Tech UPTechnologyIs the Sun shrinking?

Is the Sun shrinking?


The universe keeps many mysteries and there are some secrets that we have managed to reveal and others that resist us. We know that the Sun, as a star, was created from a huge cloud of gas and dust, in a molecular cloud that contains enough material to give life to hundreds of millions of stars. In one of these stellar nurseries the Sun was born, which, once it accumulated enough matter in one area, the cloud began to heat up and finally created a protostar.

Young protostars gain weight by gathering matter from a dense disk of gas and dust swirling around them, thus feeding on the surrounding material and becoming hot and large enough to initiate the process of thermonuclear fusion.

Thanks to a recent study using the Atacama Large Millimeter/sub-millimeter Array (ALMA), astronomers observed the protostar IRS 63 or IRAS 16285-2355, a child star less than 500,000 years old located in the L1709 region of the molecular cloud Ophiuchus, which is located 470 light-years away from Earth in the constellation Ophiuchus. Their observations revealed several interesting structures:

The protostar is surrounded by a huge cloud of gas and dust that is larger than most stars of its age.

“Traditionally it was thought that a star undergoes most of its formation before the planets form, but our observations showed that they form simultaneously. The rings in the disk around IRS 63 are very young”, explained Dominique Segura-Cox. , astronomer at the Max Planck Institute for Extraterrestrial Physics “ We used to think that stars entered adulthood first and then were the mothers of the planets that came after , but now we see that protostars and protoplanets grow and evolve together since ancient times , like brothers”.

These observations also revealed implications for understanding the formation of our own solar system. “Even the mass of the protostar is a little less than that of our Sun. Studying such young planet-forming disks around protostars can give us important information about our own origins,” say the experts.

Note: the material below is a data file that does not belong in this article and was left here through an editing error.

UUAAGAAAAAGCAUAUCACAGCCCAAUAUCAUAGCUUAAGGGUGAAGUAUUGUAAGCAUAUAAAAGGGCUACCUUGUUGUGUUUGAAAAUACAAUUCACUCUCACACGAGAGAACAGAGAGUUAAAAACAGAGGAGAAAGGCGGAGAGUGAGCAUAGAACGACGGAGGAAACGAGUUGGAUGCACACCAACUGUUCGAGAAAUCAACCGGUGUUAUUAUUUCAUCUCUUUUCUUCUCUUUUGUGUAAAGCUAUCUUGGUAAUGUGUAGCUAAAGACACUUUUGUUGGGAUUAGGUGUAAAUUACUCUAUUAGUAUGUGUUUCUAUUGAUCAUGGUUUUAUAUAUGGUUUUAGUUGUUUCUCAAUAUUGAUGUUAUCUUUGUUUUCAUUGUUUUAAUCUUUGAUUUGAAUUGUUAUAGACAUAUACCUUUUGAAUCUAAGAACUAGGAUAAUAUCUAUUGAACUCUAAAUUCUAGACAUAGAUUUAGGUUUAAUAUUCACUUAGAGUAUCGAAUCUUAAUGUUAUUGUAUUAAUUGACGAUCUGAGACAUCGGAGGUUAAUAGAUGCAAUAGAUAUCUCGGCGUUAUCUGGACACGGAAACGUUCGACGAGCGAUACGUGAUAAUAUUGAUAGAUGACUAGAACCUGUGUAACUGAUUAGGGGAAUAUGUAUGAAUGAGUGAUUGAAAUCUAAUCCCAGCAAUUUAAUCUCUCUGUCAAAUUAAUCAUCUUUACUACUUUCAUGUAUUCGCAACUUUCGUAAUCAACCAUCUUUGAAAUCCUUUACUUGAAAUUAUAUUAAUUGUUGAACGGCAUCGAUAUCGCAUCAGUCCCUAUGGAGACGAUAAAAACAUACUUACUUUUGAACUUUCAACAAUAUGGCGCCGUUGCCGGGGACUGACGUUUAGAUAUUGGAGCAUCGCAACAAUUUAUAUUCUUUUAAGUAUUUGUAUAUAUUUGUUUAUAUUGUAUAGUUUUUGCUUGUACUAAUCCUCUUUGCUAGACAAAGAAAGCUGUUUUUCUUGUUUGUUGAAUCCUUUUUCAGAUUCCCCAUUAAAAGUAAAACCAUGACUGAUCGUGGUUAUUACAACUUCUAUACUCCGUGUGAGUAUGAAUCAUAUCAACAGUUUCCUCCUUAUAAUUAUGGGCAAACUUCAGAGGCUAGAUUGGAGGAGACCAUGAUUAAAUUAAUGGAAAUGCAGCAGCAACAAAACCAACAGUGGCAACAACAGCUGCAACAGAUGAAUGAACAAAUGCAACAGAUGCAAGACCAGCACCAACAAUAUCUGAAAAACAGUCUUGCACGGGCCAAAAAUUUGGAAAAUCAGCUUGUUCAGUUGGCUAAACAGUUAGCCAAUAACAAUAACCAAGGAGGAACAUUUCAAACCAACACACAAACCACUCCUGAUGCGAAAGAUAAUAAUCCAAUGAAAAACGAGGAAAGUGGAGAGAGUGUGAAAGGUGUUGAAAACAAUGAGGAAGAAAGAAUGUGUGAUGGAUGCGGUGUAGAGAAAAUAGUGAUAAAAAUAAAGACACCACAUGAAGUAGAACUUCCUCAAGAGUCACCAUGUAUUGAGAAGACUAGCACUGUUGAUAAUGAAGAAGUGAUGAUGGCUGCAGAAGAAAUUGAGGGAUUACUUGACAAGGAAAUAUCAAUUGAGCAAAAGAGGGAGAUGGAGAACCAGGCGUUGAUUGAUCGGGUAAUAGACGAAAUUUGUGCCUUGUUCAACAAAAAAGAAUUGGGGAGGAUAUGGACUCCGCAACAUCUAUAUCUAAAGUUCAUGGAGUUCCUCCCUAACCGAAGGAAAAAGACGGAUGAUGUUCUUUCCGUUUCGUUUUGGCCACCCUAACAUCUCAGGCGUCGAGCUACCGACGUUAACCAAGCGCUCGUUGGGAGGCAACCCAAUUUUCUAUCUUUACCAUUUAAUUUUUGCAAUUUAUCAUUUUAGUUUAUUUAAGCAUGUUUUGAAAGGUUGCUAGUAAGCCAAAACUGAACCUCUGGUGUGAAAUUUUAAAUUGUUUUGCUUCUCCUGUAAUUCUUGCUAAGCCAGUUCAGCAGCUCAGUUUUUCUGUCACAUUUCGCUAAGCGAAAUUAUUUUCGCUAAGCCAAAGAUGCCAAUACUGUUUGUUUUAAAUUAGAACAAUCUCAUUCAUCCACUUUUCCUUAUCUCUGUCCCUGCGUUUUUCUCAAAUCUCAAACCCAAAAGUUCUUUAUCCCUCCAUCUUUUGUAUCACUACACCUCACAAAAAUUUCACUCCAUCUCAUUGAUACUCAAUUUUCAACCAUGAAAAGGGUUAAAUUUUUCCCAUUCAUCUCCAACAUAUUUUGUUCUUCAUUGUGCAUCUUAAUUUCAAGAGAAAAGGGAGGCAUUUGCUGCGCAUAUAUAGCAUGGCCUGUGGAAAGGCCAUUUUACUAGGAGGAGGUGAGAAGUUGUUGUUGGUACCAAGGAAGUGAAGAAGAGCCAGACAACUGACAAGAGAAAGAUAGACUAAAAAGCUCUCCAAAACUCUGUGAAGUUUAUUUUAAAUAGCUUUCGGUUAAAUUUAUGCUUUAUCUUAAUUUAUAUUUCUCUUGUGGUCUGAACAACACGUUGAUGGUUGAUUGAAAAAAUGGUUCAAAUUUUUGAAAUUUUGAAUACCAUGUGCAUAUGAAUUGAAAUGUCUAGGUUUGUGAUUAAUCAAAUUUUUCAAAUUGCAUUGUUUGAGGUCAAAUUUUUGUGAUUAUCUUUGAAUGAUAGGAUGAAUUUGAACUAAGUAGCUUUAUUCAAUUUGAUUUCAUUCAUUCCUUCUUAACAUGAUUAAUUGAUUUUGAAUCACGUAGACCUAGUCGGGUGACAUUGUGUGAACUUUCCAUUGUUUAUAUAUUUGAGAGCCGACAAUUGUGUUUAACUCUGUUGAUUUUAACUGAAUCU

But what about the Sun? Does the fact that it loses mass tell us that it is ‘shrinking’?

We know that our star burns every second, as it produces nuclear energy, 4 million tons of hydrogen, so it loses mass: around 5 million tons of mass every second. And, as time passes, stars, like our Sun, accumulate more and more helium in their core; this increasing amount of melting ash causes the core to heat up and expand in volume.

However, if the rate of mass loss is continuous due to fusion and solar winds, shouldn’t it be the other way around?

The Sun has about 5 billion years left on the main sequence; then it will be twice as luminous and considerably larger than it is now . This time scale for usual mass loss is much longer than the expected lifetime of the Sun, so such mass loss will hardly affect the radius of the star.

During the main sequence stage (the one we’re in), the Sun’s radius stays pretty much the same. This is because the star is in balance between radiation pressure and gravitational pull. Every time a star starts to shrink, the reaction rate of the core increases and thus the radiation pressure increases. As a result, the star expands again until equilibrium is once again reached.

Once those 5 billion years are up, the Sun will become a red giant. In this case, the core of the star will shrink, but its outer layers will expand to the orbit of Mars, engulfing everything around it in the process . Including our planet if it is still there.


Referencia: Izidoro, A., Dasgupta, R., Raymond, S.N. et al. Planetesimal rings as the cause of the Solar System’s planetary architecture. Nat Astron 6, 357–366 (2022).

D.M. Segura-Cox et al. 2020. Four annular structures in a protostellar disk less than 500,000 years old. Nature 586, 228-231; doi: 10.1038/s41586-020-2779-6

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